(4ep) In Situ Grafting and Growing of Organic Functional Layers Via Initiated Chemical Vapor Deposition

Authors: 
Yang, R., Harvard Medical School
Gleason, K. K., Massachusetts Institute of Technology



Initiated chemical vapor deposition (iCVD) is a very benign solventless process that produces conformal and thin (<100nm) coatings for a variety of technological applications. It enables the room temperature modification with functional polymers on virtually any substrate: organic or inorganic, rigid or flexible, planar or three-dimensional, dense or porous. During iCVD polymerization, monomers are delivered to the surface in vapor phase and undergo polymerization and thin film formation simultaneously. Free radical polymerization is initiated by filament heating with a typical current value of 1-2 Amp for a total power of 0.0086-0.0343 Watts cm-2. This energy-efficient process thus enables the cost-effective passivation of silicon for semiconductor, photovoltaic and biosensor applications. By eliminating the need to dissolve monomers or macromolecules, iCVD prevents solvent damage to delicate substrates such as reverse osmosis membranes. CVD film growth proceeds from the substrate up, allowing for interfacial engineering, real-time monitoring, and thickness control. Ultra-thin coatings (~30nm) have been fabricated for membrane-based separations to obtain high permeate flux. iCVD has shown successful results in the rational design of micro- and nano-engineered materials to control molecular interactions at material surfaces.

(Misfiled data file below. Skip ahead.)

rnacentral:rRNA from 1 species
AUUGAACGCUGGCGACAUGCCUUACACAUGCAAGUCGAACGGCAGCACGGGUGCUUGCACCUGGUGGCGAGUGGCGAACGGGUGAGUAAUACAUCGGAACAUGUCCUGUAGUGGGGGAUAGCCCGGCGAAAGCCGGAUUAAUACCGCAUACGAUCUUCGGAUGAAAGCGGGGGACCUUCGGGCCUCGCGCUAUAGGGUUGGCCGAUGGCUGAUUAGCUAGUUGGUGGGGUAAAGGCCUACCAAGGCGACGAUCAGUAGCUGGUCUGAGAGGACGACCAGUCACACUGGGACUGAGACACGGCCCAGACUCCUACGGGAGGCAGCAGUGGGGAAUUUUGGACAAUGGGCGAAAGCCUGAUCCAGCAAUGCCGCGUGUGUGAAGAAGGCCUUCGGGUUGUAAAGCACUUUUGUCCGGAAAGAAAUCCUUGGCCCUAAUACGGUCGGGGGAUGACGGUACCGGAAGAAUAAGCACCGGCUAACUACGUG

However, during the iCVD process, monomers physisorb to the substrate surface and polymerize; the lack of covalent bonding between coating and substrate results in delamination and loss of function when the coated device is subject to stress or heat. Here, we report on the new chemistries we developed for iCVD to control interactions at material surface down to the molecular level. Both traditional iCVD polymerization and novel interface reactions have been utilized. We report for the first time a novel antifouling coating with excellent chlorine-resistance to mitigate fouling on membranes used in sea water desalination. In situ interface grafting of the coating directly to the surface of commercial membranes has been developed to enhance stability and durability. A second example involves a novel interface reaction on silicon, which enables the organic vapor passivation of silicon at room temperature. Passivation is essential for the fabrication of high-quality thin film photovoltaic devices. Excellent passivation quality with surface recombination velocities less than 10cm s-1 has been obtained with the iCVD passivation scheme and the passivation is stable for >200 hours in air, corresponding to the highest passivation quality reported to date for air-stable organic passivation. Through these two examples, we demonstrated the ability of iCVD to graft and grow polymer thin films on both organic and inorganic substrates for better control of interface interactions at the molecular level and greater robustness and durability of as-fabricated devices.